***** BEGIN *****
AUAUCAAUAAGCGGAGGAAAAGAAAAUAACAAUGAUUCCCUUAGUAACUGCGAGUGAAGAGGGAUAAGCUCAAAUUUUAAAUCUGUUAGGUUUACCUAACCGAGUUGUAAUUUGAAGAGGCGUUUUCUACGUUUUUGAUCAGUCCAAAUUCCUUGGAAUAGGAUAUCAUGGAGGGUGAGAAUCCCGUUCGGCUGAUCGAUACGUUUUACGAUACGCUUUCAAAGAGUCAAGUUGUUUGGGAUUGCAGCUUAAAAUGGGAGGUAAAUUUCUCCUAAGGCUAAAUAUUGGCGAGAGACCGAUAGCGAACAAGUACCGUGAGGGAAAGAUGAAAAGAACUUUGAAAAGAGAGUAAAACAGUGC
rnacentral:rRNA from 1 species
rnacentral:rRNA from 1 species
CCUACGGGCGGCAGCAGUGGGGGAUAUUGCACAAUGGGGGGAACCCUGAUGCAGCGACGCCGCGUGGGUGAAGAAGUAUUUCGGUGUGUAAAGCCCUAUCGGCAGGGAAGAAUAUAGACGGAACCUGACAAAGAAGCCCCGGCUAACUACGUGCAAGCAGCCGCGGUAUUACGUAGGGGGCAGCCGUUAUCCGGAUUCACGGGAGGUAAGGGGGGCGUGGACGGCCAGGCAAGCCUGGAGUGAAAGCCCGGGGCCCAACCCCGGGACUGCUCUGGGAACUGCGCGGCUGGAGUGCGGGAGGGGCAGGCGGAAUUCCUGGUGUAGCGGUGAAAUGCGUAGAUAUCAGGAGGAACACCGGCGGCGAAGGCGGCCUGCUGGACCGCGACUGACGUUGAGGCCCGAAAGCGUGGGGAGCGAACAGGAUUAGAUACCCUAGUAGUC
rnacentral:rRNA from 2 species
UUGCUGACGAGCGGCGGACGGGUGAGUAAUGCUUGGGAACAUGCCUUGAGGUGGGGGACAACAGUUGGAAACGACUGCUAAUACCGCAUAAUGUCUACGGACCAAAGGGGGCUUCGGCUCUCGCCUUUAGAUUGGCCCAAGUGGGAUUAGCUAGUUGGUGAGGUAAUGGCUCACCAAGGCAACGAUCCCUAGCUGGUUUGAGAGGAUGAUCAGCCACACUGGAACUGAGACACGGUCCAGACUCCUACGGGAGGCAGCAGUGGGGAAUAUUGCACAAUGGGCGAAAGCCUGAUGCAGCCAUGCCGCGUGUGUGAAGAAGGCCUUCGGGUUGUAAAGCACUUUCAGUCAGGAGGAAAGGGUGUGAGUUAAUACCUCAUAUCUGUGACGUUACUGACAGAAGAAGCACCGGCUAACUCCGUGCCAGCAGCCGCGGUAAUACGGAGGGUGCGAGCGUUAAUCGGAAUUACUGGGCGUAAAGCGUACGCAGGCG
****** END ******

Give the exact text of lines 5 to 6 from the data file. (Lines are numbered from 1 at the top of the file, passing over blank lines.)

rnacentral:rRNA from 2 species
UUGCUGACGAGCGGCGGACGGGUGAGUAAUGCUUGGGAACAUGCCUUGAGGUGGGGGACAACAGUUGGAAACGACUGCUAAUACCGCAUAAUGUCUACGGACCAAAGGGGGCUUCGGCUCUCGCCUUUAGAUUGGCCCAAGUGGGAUUAGCUAGUUGGUGAGGUAAUGGCUCACCAAGGCAACGAUCCCUAGCUGGUUUGAGAGGAUGAUCAGCCACACUGGAACUGAGACACGGUCCAGACUCCUACGGGAGGCAGCAGUGGGGAAUAUUGCACAAUGGGCGAAAGCCUGAUGCAGCCAUGCCGCGUGUGUGAAGAAGGCCUUCGGGUUGUAAAGCACUUUCAGUCAGGAGGAAAGGGUGUGAGUUAAUACCUCAUAUCUGUGACGUUACUGACAGAAGAAGCACCGGCUAACUCCGUGCCAGCAGCCGCGGUAAUACGGAGGGUGCGAGCGUUAAUCGGAAUUACUGGGCGUAAAGCGUACGCAGGCG